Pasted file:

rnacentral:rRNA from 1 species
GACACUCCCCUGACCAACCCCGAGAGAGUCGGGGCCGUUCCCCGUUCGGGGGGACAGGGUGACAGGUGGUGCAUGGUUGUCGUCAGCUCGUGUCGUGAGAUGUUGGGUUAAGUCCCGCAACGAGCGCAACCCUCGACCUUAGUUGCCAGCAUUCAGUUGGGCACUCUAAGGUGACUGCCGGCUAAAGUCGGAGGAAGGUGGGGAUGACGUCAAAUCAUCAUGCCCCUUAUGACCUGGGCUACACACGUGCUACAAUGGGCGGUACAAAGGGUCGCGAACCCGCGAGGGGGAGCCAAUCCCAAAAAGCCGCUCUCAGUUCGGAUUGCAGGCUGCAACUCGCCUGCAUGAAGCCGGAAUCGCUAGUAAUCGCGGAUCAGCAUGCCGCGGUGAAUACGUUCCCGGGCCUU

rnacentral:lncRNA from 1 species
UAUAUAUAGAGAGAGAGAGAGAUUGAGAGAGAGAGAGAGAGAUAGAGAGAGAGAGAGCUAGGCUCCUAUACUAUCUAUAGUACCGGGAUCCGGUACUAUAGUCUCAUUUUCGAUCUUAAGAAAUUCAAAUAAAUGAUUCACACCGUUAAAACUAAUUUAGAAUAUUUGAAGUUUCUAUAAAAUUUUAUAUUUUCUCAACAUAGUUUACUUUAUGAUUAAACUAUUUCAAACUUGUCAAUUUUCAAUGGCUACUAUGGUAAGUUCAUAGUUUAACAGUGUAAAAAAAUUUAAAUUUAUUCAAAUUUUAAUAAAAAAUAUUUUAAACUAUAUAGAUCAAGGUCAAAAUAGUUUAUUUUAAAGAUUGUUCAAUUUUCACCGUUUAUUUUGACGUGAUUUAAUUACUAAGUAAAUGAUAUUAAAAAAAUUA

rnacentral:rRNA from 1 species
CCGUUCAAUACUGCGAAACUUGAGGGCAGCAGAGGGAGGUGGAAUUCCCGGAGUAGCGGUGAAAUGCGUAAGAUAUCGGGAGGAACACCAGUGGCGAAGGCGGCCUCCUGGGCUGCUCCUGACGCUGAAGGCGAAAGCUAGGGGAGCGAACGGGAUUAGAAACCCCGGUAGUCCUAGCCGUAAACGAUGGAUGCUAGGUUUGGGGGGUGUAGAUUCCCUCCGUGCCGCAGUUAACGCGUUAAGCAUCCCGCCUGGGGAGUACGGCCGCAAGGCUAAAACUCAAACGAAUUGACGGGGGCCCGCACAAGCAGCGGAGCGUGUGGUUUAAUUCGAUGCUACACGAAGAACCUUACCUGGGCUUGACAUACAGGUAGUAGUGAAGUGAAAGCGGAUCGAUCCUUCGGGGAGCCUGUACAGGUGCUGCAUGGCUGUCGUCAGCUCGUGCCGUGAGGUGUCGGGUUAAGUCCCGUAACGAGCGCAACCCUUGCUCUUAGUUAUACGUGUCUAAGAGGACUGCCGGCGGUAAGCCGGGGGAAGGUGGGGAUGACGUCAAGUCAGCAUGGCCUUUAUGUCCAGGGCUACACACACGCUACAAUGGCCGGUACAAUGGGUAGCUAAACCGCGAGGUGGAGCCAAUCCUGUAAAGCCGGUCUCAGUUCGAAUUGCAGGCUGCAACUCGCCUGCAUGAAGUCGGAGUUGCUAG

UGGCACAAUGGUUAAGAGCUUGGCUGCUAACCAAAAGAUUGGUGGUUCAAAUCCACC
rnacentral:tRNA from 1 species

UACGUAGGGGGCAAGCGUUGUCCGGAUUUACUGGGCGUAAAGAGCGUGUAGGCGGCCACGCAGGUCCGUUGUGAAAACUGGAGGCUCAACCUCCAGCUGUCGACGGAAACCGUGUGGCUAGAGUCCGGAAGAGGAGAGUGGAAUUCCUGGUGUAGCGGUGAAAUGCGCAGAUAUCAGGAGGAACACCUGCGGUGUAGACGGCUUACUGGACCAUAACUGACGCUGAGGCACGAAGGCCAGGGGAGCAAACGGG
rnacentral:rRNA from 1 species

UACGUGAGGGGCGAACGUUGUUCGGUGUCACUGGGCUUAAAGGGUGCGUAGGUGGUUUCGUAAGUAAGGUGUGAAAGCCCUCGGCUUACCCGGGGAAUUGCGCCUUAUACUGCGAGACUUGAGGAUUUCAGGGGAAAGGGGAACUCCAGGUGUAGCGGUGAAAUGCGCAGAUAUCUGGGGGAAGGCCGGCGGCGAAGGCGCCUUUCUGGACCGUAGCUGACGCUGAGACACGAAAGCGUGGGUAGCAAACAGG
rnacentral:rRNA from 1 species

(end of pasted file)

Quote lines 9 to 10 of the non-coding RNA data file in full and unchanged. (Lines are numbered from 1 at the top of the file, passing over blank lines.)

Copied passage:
UACGUAGGGGGCAAGCGUUGUCCGGAUUUACUGGGCGUAAAGAGCGUGUAGGCGGCCACGCAGGUCCGUUGUGAAAACUGGAGGCUCAACCUCCAGCUGUCGACGGAAACCGUGUGGCUAGAGUCCGGAAGAGGAGAGUGGAAUUCCUGGUGUAGCGGUGAAAUGCGCAGAUAUCAGGAGGAACACCUGCGGUGUAGACGGCUUACUGGACCAUAACUGACGCUGAGGCACGAAGGCCAGGGGAGCAAACGGG
rnacentral:rRNA from 1 species